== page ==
To put this into perspective, let me give you a little story about myself. During Year 11, we are expected to choose our A-level subjects. This can be a rather challenging decision if you have no idea what you want to do. Personally, I didn’t know what subjects to choose and I didn’t know what career I wanted to go into either.
The biggest mistake I made was following my friends. I constantly heard everyone around me saying ‘I want to go into Medicine.’ I didn’t have a passion to pursue this career but I thought I should do it as everyone else around me was. I, therefore, chose to do Biology, Chemistry, Psychology, and Maths. These subjects would have allowed me to study Medicine at University. The only subject from the above that I thoroughly enjoyed was Biology. I was excited to study Psychology as I did have an interest in it. As for Chemistry, it was one of the subjects that I hated and the thought of doing it for A level scared me. Maths, I didn’t hate nor did I love but I was good at it.
Now fast forward to the end of Year 12. My life was miserable. Not only was I not enjoying doing Chemistry and Maths, but I was also failing them. I was achieving grades as low as E’s and U’s and the worst thing was that I had no motivation to try to improve them as I hated those subjects. At this point I was faced with a dilemma; my parents were called in and I was given the option to either stay at my current sixth form and bring those grades up or to leave and start fresh somewhere else. Here is where I made my second mistake. I chose to stay. I chose to stay because the thought of starting fresh scared me. I chose to stay because I didn’t want to leave my friends behind. I chose to stay because I didn’t want the past year to be a complete waste.
By Year 13, I had completely changed my mind. Studying subjects I had no interest in for a year made me realize that I could not study Medicine at University. Amongst all the chaos, I did find an interest. I decided I actually wanted to become a lawyer. I was lucky because Law is not a specific subject degree.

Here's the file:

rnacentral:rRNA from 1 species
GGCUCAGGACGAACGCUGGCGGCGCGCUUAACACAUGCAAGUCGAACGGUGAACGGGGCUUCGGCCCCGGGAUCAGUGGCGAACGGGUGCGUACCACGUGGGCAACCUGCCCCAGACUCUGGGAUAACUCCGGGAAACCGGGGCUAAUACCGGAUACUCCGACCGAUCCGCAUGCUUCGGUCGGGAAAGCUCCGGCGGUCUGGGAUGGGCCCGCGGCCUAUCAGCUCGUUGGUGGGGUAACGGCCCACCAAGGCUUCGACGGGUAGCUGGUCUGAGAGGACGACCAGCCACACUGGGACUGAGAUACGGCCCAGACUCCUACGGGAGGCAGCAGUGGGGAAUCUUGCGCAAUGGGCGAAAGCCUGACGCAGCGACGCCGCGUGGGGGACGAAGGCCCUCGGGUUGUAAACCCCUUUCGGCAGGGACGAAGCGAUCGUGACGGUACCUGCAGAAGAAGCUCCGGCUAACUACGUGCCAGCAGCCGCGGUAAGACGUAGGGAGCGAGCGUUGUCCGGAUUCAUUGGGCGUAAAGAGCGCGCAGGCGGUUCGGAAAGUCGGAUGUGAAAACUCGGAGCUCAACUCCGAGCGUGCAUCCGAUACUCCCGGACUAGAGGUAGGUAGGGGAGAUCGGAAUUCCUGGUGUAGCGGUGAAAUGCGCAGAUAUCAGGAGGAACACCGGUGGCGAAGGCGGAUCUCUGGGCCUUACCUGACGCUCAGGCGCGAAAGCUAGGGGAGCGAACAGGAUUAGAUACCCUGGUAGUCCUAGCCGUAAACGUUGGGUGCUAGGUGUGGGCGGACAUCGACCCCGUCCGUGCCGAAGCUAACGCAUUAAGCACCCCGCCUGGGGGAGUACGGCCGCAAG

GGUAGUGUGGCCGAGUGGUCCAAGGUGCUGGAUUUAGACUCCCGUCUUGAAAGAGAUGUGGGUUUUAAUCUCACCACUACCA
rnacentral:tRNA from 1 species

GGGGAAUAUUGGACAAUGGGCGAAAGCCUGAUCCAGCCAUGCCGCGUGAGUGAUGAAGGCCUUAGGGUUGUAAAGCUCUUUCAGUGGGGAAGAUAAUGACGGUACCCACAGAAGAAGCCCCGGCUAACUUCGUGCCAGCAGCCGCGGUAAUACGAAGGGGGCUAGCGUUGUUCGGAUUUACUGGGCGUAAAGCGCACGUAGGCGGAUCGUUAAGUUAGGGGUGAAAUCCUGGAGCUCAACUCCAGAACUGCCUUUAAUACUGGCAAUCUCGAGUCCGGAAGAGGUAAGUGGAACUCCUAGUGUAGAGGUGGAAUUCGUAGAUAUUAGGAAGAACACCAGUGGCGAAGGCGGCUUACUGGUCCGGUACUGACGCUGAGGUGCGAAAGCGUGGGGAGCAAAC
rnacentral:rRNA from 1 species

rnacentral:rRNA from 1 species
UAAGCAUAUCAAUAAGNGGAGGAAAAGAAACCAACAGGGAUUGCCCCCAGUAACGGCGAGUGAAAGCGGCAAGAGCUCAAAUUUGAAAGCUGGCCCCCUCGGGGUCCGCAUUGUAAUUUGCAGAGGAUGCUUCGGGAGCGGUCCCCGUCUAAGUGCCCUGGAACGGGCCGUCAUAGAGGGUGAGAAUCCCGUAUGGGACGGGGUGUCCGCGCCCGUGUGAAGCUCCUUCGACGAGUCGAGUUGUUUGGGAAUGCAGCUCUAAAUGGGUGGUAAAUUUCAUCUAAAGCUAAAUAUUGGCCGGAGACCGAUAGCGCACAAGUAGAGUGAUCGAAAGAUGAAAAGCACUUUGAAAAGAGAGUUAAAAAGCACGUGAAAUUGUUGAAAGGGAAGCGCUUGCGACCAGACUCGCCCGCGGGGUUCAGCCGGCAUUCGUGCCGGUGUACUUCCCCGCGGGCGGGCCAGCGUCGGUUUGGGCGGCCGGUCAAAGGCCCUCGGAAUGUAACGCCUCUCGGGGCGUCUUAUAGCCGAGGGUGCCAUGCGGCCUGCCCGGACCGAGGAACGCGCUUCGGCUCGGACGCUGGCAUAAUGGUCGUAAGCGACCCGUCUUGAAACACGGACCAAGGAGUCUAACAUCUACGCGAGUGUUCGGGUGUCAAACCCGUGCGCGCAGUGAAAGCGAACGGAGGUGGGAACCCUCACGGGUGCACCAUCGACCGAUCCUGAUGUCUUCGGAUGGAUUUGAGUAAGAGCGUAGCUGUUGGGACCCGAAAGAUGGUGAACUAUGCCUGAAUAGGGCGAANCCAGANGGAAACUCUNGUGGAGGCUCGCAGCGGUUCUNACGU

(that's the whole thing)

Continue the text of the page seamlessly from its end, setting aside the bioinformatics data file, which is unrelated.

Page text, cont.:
On results day, I was displeased with my results but I knew I deserved them. It was my fault for choosing the subjects I didn’t enjoy. It was my fault for following the crowd. It was my fault for not starting fresh when I had the chance to. Now, I had wasted two years of education and not just one.
So here is my advice:
If I could go back, I would only do the subjects that I enjoyed and performed well in especially because I had no idea what career I wanted to go into. I would advise that YOU only choose the subjects YOU are interested in or are good at because studying something you do not enjoy, can be physically and mentally draining. Avoid listening to the whispers around you and focus on what you want and need. An advantage of choosing such subjects ensures that you can meet your university entry requirements further allowing you to continue doing what you enjoy.
However, if you are sure about what career you want to pursue, choosing the subjects you need is a must even if you aren’t particularly keen on those subjects because you have an end goal or a tunnel vision. For example, if you know you want to become a doctor, science-based subjects are what you need regardless of whether you enjoy them or not. You will have the motivation to work hard in order to achieve those grades you need because you see yourself as a doctor.
So remember; choose wisely! Good luck.